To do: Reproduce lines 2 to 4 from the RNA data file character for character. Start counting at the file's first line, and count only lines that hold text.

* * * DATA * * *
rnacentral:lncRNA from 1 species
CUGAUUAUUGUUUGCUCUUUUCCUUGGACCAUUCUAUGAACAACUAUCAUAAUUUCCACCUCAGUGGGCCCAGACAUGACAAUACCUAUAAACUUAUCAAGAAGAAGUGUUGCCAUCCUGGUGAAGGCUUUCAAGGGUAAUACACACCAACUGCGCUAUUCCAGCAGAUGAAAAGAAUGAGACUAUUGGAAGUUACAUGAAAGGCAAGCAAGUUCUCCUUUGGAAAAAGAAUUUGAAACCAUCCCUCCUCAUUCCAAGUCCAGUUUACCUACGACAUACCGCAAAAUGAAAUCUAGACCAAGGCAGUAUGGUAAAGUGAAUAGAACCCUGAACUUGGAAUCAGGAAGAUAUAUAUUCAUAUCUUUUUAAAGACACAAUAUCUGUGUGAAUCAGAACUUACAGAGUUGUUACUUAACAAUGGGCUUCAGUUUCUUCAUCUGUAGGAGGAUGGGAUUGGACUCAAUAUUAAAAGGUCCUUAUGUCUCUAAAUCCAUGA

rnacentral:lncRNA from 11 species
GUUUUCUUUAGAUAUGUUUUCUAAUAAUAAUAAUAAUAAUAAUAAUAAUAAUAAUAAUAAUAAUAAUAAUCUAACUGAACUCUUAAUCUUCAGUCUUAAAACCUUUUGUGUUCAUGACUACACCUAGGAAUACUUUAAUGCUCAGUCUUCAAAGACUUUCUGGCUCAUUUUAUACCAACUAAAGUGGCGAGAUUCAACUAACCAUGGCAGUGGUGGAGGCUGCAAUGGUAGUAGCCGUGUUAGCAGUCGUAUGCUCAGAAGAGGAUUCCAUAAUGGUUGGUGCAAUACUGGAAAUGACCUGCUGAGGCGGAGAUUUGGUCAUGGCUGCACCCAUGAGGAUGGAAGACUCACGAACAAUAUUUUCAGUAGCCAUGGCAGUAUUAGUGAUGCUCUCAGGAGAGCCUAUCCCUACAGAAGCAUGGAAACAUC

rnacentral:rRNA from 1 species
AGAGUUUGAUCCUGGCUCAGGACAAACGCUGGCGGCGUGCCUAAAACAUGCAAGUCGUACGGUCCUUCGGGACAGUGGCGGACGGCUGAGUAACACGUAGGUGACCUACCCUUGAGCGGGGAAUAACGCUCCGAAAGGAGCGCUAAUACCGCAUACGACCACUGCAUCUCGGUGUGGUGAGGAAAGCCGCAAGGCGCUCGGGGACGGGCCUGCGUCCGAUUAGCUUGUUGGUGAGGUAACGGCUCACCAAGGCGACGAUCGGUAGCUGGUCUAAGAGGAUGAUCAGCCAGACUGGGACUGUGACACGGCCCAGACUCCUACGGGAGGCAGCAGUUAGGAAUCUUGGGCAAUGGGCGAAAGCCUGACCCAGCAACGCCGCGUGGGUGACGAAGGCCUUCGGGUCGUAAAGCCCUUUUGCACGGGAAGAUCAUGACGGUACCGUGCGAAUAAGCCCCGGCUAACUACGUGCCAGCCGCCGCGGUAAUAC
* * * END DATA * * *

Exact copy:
CUGAUUAUUGUUUGCUCUUUUCCUUGGACCAUUCUAUGAACAACUAUCAUAAUUUCCACCUCAGUGGGCCCAGACAUGACAAUACCUAUAAACUUAUCAAGAAGAAGUGUUGCCAUCCUGGUGAAGGCUUUCAAGGGUAAUACACACCAACUGCGCUAUUCCAGCAGAUGAAAAGAAUGAGACUAUUGGAAGUUACAUGAAAGGCAAGCAAGUUCUCCUUUGGAAAAAGAAUUUGAAACCAUCCCUCCUCAUUCCAAGUCCAGUUUACCUACGACAUACCGCAAAAUGAAAUCUAGACCAAGGCAGUAUGGUAAAGUGAAUAGAACCCUGAACUUGGAAUCAGGAAGAUAUAUAUUCAUAUCUUUUUAAAGACACAAUAUCUGUGUGAAUCAGAACUUACAGAGUUGUUACUUAACAAUGGGCUUCAGUUUCUUCAUCUGUAGGAGGAUGGGAUUGGACUCAAUAUUAAAAGGUCCUUAUGUCUCUAAAUCCAUGA

rnacentral:lncRNA from 11 species
GUUUUCUUUAGAUAUGUUUUCUAAUAAUAAUAAUAAUAAUAAUAAUAAUAAUAAUAAUAAUAAUAAUAAUCUAACUGAACUCUUAAUCUUCAGUCUUAAAACCUUUUGUGUUCAUGACUACACCUAGGAAUACUUUAAUGCUCAGUCUUCAAAGACUUUCUGGCUCAUUUUAUACCAACUAAAGUGGCGAGAUUCAACUAACCAUGGCAGUGGUGGAGGCUGCAAUGGUAGUAGCCGUGUUAGCAGUCGUAUGCUCAGAAGAGGAUUCCAUAAUGGUUGGUGCAAUACUGGAAAUGACCUGCUGAGGCGGAGAUUUGGUCAUGGCUGCACCCAUGAGGAUGGAAGACUCACGAACAAUAUUUUCAGUAGCCAUGGCAGUAUUAGUGAUGCUCUCAGGAGAGCCUAUCCCUACAGAAGCAUGGAAACAUC